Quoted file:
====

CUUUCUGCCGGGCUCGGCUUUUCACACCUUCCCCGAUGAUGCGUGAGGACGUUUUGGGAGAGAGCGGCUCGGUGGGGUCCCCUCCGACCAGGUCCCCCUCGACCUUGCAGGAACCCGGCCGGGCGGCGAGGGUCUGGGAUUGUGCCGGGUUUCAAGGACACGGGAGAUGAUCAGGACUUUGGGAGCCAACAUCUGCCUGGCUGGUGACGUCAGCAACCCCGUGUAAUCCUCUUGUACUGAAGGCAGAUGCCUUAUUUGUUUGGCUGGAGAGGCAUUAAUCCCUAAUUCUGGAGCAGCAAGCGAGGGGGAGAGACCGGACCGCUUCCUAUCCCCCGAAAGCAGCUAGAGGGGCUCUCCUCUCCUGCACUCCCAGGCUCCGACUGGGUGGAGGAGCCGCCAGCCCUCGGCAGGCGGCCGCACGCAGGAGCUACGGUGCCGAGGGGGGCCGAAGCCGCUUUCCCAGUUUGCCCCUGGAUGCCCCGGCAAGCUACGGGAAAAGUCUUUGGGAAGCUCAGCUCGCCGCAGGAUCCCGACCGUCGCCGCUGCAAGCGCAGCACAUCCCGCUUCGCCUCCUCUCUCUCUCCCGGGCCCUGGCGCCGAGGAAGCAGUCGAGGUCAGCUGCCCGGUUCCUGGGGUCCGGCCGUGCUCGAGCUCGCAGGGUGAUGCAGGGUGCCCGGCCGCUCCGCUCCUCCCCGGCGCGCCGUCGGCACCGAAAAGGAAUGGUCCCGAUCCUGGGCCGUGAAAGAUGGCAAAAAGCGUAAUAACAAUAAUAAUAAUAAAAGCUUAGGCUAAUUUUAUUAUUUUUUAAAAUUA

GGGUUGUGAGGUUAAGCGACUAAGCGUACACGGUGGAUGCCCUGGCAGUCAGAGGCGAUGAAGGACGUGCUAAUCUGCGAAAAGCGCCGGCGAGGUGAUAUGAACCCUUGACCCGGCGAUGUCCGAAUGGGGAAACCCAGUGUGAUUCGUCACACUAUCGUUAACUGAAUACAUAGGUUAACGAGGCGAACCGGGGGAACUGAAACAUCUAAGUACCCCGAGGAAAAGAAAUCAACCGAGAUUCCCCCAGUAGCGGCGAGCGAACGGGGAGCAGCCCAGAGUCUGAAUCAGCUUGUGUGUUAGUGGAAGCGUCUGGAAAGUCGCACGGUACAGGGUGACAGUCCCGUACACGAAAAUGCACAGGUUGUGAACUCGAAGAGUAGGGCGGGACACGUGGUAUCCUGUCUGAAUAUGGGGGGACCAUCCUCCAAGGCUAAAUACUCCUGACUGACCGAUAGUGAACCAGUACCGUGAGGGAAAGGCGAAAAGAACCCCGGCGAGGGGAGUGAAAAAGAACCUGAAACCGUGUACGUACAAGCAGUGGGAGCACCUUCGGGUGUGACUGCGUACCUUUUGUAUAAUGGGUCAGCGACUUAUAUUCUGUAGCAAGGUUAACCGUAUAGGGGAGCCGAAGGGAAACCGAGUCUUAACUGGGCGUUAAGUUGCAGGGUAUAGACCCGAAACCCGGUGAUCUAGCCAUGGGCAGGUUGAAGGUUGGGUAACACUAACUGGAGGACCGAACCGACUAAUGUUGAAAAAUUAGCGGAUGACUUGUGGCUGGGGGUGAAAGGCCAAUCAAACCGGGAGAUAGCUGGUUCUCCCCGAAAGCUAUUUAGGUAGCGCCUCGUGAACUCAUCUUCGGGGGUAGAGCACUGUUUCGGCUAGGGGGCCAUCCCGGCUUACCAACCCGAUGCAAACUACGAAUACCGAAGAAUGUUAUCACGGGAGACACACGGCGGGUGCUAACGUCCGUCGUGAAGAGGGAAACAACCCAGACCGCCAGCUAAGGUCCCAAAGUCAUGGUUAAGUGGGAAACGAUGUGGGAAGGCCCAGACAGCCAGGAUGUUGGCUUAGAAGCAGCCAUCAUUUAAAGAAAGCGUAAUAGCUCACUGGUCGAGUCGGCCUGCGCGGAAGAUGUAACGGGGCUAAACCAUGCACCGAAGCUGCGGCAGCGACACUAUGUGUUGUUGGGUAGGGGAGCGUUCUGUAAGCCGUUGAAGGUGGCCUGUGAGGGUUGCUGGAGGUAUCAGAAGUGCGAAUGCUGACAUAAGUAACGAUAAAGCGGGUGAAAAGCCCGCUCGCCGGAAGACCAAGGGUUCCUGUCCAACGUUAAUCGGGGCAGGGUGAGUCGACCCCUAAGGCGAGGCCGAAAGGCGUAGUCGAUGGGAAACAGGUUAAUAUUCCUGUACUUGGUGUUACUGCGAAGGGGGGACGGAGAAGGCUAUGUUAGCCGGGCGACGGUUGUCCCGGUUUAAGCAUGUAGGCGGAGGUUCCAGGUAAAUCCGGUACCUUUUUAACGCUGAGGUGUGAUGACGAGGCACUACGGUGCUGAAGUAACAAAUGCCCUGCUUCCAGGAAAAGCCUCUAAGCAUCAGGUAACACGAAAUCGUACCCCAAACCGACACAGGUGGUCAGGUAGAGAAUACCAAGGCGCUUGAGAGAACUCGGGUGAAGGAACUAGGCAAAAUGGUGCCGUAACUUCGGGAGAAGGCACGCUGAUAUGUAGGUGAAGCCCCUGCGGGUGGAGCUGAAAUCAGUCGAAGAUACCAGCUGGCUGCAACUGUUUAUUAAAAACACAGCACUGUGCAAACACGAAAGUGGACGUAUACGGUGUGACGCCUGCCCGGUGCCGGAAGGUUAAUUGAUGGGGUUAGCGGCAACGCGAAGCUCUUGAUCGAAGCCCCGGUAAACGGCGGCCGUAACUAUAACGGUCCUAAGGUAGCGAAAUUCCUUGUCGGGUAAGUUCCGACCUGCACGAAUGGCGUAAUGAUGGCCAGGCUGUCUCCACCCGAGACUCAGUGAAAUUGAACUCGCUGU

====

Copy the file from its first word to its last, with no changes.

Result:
CUUUCUGCCGGGCUCGGCUUUUCACACCUUCCCCGAUGAUGCGUGAGGACGUUUUGGGAGAGAGCGGCUCGGUGGGGUCCCCUCCGACCAGGUCCCCCUCGACCUUGCAGGAACCCGGCCGGGCGGCGAGGGUCUGGGAUUGUGCCGGGUUUCAAGGACACGGGAGAUGAUCAGGACUUUGGGAGCCAACAUCUGCCUGGCUGGUGACGUCAGCAACCCCGUGUAAUCCUCUUGUACUGAAGGCAGAUGCCUUAUUUGUUUGGCUGGAGAGGCAUUAAUCCCUAAUUCUGGAGCAGCAAGCGAGGGGGAGAGACCGGACCGCUUCCUAUCCCCCGAAAGCAGCUAGAGGGGCUCUCCUCUCCUGCACUCCCAGGCUCCGACUGGGUGGAGGAGCCGCCAGCCCUCGGCAGGCGGCCGCACGCAGGAGCUACGGUGCCGAGGGGGGCCGAAGCCGCUUUCCCAGUUUGCCCCUGGAUGCCCCGGCAAGCUACGGGAAAAGUCUUUGGGAAGCUCAGCUCGCCGCAGGAUCCCGACCGUCGCCGCUGCAAGCGCAGCACAUCCCGCUUCGCCUCCUCUCUCUCUCCCGGGCCCUGGCGCCGAGGAAGCAGUCGAGGUCAGCUGCCCGGUUCCUGGGGUCCGGCCGUGCUCGAGCUCGCAGGGUGAUGCAGGGUGCCCGGCCGCUCCGCUCCUCCCCGGCGCGCCGUCGGCACCGAAAAGGAAUGGUCCCGAUCCUGGGCCGUGAAAGAUGGCAAAAAGCGUAAUAACAAUAAUAAUAAUAAAAGCUUAGGCUAAUUUUAUUAUUUUUUAAAAUUA

GGGUUGUGAGGUUAAGCGACUAAGCGUACACGGUGGAUGCCCUGGCAGUCAGAGGCGAUGAAGGACGUGCUAAUCUGCGAAAAGCGCCGGCGAGGUGAUAUGAACCCUUGACCCGGCGAUGUCCGAAUGGGGAAACCCAGUGUGAUUCGUCACACUAUCGUUAACUGAAUACAUAGGUUAACGAGGCGAACCGGGGGAACUGAAACAUCUAAGUACCCCGAGGAAAAGAAAUCAACCGAGAUUCCCCCAGUAGCGGCGAGCGAACGGGGAGCAGCCCAGAGUCUGAAUCAGCUUGUGUGUUAGUGGAAGCGUCUGGAAAGUCGCACGGUACAGGGUGACAGUCCCGUACACGAAAAUGCACAGGUUGUGAACUCGAAGAGUAGGGCGGGACACGUGGUAUCCUGUCUGAAUAUGGGGGGACCAUCCUCCAAGGCUAAAUACUCCUGACUGACCGAUAGUGAACCAGUACCGUGAGGGAAAGGCGAAAAGAACCCCGGCGAGGGGAGUGAAAAAGAACCUGAAACCGUGUACGUACAAGCAGUGGGAGCACCUUCGGGUGUGACUGCGUACCUUUUGUAUAAUGGGUCAGCGACUUAUAUUCUGUAGCAAGGUUAACCGUAUAGGGGAGCCGAAGGGAAACCGAGUCUUAACUGGGCGUUAAGUUGCAGGGUAUAGACCCGAAACCCGGUGAUCUAGCCAUGGGCAGGUUGAAGGUUGGGUAACACUAACUGGAGGACCGAACCGACUAAUGUUGAAAAAUUAGCGGAUGACUUGUGGCUGGGGGUGAAAGGCCAAUCAAACCGGGAGAUAGCUGGUUCUCCCCGAAAGCUAUUUAGGUAGCGCCUCGUGAACUCAUCUUCGGGGGUAGAGCACUGUUUCGGCUAGGGGGCCAUCCCGGCUUACCAACCCGAUGCAAACUACGAAUACCGAAGAAUGUUAUCACGGGAGACACACGGCGGGUGCUAACGUCCGUCGUGAAGAGGGAAACAACCCAGACCGCCAGCUAAGGUCCCAAAGUCAUGGUUAAGUGGGAAACGAUGUGGGAAGGCCCAGACAGCCAGGAUGUUGGCUUAGAAGCAGCCAUCAUUUAAAGAAAGCGUAAUAGCUCACUGGUCGAGUCGGCCUGCGCGGAAGAUGUAACGGGGCUAAACCAUGCACCGAAGCUGCGGCAGCGACACUAUGUGUUGUUGGGUAGGGGAGCGUUCUGUAAGCCGUUGAAGGUGGCCUGUGAGGGUUGCUGGAGGUAUCAGAAGUGCGAAUGCUGACAUAAGUAACGAUAAAGCGGGUGAAAAGCCCGCUCGCCGGAAGACCAAGGGUUCCUGUCCAACGUUAAUCGGGGCAGGGUGAGUCGACCCCUAAGGCGAGGCCGAAAGGCGUAGUCGAUGGGAAACAGGUUAAUAUUCCUGUACUUGGUGUUACUGCGAAGGGGGGACGGAGAAGGCUAUGUUAGCCGGGCGACGGUUGUCCCGGUUUAAGCAUGUAGGCGGAGGUUCCAGGUAAAUCCGGUACCUUUUUAACGCUGAGGUGUGAUGACGAGGCACUACGGUGCUGAAGUAACAAAUGCCCUGCUUCCAGGAAAAGCCUCUAAGCAUCAGGUAACACGAAAUCGUACCCCAAACCGACACAGGUGGUCAGGUAGAGAAUACCAAGGCGCUUGAGAGAACUCGGGUGAAGGAACUAGGCAAAAUGGUGCCGUAACUUCGGGAGAAGGCACGCUGAUAUGUAGGUGAAGCCCCUGCGGGUGGAGCUGAAAUCAGUCGAAGAUACCAGCUGGCUGCAACUGUUUAUUAAAAACACAGCACUGUGCAAACACGAAAGUGGACGUAUACGGUGUGACGCCUGCCCGGUGCCGGAAGGUUAAUUGAUGGGGUUAGCGGCAACGCGAAGCUCUUGAUCGAAGCCCCGGUAAACGGCGGCCGUAACUAUAACGGUCCUAAGGUAGCGAAAUUCCUUGUCGGGUAAGUUCCGACCUGCACGAAUGGCGUAAUGAUGGCCAGGCUGUCUCCACCCGAGACUCAGUGAAAUUGAACUCGCUGU